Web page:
Waldenström macroglobulinemia (WM) is an uncommon lymphoma characterized by the infiltration of the bone marrow by clonal lymphoplasmacytic cells that produce monoclonal immunoglobulin M (IgM). The disease may have an asymptomatic phase, or patients may present with symptoms and complications resulting from marrow or other tissue infiltration, or from physicochemical or immunological properties of the monoclonal IgM. Diagnosis of WM has been clearly defined, and genetic testing for somatic mutation of MYD88L265P is a useful tool for differential diagnosis from other conditions. Specific criteria that define symptomatic disease that needs treatment offer clinical guidance. The treatment of WM has evolved rapidly, with treatment options that include anti-CD20 monoclonal antibody-based combinations and BTK inhibitors. The choice of therapy is based on the need for rapid disease control, presence of specific disease complications, and patient's age. With the use of BTK inhibitors, the use of continuous therapy has been introduced as another option over fixed-duration chemoimmunotherapy. In this review, we focus on different clinical scenarios and discuss treatment options, based on the available data.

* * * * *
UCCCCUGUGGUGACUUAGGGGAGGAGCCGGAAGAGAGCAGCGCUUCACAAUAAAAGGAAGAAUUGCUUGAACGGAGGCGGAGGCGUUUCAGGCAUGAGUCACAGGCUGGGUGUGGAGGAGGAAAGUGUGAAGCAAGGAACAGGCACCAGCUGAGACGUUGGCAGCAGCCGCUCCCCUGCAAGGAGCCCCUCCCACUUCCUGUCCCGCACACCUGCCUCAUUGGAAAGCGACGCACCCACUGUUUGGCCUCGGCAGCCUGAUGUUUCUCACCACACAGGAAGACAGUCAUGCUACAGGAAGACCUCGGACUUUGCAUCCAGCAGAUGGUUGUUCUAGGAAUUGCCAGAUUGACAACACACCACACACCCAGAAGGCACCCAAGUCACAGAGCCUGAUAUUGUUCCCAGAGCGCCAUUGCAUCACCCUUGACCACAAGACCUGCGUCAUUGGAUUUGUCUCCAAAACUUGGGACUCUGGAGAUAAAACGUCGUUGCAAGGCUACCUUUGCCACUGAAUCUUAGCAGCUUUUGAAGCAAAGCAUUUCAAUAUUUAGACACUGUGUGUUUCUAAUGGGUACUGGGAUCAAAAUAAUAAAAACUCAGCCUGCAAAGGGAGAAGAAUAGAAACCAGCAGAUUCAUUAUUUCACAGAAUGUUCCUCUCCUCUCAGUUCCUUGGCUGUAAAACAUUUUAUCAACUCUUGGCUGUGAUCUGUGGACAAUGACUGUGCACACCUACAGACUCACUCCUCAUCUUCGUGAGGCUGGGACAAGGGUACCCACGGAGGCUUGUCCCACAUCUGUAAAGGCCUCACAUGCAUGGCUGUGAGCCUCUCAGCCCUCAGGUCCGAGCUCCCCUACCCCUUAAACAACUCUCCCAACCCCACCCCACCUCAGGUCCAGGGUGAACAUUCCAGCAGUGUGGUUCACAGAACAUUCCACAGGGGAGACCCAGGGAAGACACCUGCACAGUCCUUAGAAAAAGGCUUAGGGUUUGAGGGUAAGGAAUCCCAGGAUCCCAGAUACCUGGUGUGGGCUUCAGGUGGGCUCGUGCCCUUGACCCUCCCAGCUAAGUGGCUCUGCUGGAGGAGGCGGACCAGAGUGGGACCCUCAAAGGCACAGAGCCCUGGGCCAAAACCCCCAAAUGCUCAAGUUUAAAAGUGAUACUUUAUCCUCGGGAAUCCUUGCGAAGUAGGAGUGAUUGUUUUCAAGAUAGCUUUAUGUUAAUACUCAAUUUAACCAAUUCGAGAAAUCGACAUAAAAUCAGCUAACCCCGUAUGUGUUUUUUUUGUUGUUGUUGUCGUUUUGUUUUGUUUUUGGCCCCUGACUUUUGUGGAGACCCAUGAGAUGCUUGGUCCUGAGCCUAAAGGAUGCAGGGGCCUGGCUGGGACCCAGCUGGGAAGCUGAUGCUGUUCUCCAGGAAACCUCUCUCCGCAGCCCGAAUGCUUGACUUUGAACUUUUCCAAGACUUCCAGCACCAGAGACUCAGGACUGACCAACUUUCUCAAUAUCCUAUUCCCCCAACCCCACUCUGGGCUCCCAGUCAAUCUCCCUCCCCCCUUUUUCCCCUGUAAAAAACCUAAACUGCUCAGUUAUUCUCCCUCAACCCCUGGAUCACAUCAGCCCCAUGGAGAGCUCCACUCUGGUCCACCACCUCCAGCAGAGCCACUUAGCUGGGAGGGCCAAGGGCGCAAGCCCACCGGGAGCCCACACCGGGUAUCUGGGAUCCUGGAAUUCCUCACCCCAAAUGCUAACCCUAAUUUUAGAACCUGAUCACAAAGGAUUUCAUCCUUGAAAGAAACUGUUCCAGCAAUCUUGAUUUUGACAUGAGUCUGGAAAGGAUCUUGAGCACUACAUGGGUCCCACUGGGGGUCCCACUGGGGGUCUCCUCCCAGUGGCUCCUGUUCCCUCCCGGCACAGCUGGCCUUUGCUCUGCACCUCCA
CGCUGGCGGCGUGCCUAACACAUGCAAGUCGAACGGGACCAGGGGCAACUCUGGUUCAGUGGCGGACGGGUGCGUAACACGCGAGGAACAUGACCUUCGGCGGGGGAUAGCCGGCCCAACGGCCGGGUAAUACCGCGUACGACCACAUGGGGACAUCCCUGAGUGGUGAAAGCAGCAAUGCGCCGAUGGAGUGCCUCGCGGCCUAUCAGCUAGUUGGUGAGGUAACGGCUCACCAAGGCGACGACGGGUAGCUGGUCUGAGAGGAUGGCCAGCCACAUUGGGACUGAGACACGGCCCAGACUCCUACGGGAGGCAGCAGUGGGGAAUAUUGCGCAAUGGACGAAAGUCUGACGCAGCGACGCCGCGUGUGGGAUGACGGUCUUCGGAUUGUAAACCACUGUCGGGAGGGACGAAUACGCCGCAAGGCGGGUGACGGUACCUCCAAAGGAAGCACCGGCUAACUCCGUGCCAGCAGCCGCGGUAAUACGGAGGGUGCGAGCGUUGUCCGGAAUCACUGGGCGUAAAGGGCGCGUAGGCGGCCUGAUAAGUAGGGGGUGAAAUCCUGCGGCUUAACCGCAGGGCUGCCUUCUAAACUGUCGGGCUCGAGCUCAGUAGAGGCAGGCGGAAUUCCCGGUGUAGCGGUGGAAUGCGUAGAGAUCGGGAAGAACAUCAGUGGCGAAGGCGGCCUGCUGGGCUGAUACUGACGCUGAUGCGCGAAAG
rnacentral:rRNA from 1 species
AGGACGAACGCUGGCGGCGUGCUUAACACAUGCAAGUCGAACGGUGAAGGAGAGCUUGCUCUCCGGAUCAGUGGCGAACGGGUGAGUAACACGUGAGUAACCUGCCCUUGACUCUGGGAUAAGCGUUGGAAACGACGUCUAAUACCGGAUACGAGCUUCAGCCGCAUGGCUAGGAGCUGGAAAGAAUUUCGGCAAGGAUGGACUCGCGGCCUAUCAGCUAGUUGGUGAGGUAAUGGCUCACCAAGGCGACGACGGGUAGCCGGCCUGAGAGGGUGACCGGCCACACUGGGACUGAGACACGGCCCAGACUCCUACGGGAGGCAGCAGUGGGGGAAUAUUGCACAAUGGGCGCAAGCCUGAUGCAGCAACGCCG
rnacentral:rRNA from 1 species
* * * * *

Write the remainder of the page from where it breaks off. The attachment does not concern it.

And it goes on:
© 2019 by The American Society of Hematology.